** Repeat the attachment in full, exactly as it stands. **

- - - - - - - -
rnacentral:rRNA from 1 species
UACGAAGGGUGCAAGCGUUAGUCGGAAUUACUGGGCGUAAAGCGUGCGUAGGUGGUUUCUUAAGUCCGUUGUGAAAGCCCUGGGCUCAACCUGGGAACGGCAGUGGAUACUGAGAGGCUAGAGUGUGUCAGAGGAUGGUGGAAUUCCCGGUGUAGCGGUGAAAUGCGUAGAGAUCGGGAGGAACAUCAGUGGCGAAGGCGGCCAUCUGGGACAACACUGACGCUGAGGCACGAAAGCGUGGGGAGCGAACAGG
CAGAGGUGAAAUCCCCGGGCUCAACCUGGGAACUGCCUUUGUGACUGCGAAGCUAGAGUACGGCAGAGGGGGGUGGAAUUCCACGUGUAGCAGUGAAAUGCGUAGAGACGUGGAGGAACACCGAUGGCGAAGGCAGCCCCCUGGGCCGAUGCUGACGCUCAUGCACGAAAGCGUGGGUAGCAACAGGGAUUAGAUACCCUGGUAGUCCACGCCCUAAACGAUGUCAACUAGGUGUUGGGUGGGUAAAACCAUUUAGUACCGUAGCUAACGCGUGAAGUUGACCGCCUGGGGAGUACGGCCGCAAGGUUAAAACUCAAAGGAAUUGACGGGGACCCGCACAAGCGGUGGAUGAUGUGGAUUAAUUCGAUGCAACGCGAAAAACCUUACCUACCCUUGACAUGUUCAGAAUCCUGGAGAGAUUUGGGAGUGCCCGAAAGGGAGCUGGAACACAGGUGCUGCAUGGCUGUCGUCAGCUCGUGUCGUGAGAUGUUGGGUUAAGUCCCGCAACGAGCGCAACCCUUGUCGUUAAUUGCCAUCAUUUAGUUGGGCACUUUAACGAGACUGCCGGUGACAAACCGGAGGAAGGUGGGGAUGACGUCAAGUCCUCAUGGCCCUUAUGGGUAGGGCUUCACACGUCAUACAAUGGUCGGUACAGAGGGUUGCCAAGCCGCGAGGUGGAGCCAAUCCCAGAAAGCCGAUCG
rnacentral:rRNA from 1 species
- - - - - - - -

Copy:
rnacentral:rRNA from 1 species
UACGAAGGGUGCAAGCGUUAGUCGGAAUUACUGGGCGUAAAGCGUGCGUAGGUGGUUUCUUAAGUCCGUUGUGAAAGCCCUGGGCUCAACCUGGGAACGGCAGUGGAUACUGAGAGGCUAGAGUGUGUCAGAGGAUGGUGGAAUUCCCGGUGUAGCGGUGAAAUGCGUAGAGAUCGGGAGGAACAUCAGUGGCGAAGGCGGCCAUCUGGGACAACACUGACGCUGAGGCACGAAAGCGUGGGGAGCGAACAGG
CAGAGGUGAAAUCCCCGGGCUCAACCUGGGAACUGCCUUUGUGACUGCGAAGCUAGAGUACGGCAGAGGGGGGUGGAAUUCCACGUGUAGCAGUGAAAUGCGUAGAGACGUGGAGGAACACCGAUGGCGAAGGCAGCCCCCUGGGCCGAUGCUGACGCUCAUGCACGAAAGCGUGGGUAGCAACAGGGAUUAGAUACCCUGGUAGUCCACGCCCUAAACGAUGUCAACUAGGUGUUGGGUGGGUAAAACCAUUUAGUACCGUAGCUAACGCGUGAAGUUGACCGCCUGGGGAGUACGGCCGCAAGGUUAAAACUCAAAGGAAUUGACGGGGACCCGCACAAGCGGUGGAUGAUGUGGAUUAAUUCGAUGCAACGCGAAAAACCUUACCUACCCUUGACAUGUUCAGAAUCCUGGAGAGAUUUGGGAGUGCCCGAAAGGGAGCUGGAACACAGGUGCUGCAUGGCUGUCGUCAGCUCGUGUCGUGAGAUGUUGGGUUAAGUCCCGCAACGAGCGCAACCCUUGUCGUUAAUUGCCAUCAUUUAGUUGGGCACUUUAACGAGACUGCCGGUGACAAACCGGAGGAAGGUGGGGAUGACGUCAAGUCCUCAUGGCCCUUAUGGGUAGGGCUUCACACGUCAUACAAUGGUCGGUACAGAGGGUUGCCAAGCCGCGAGGUGGAGCCAAUCCCAGAAAGCCGAUCG
rnacentral:rRNA from 1 species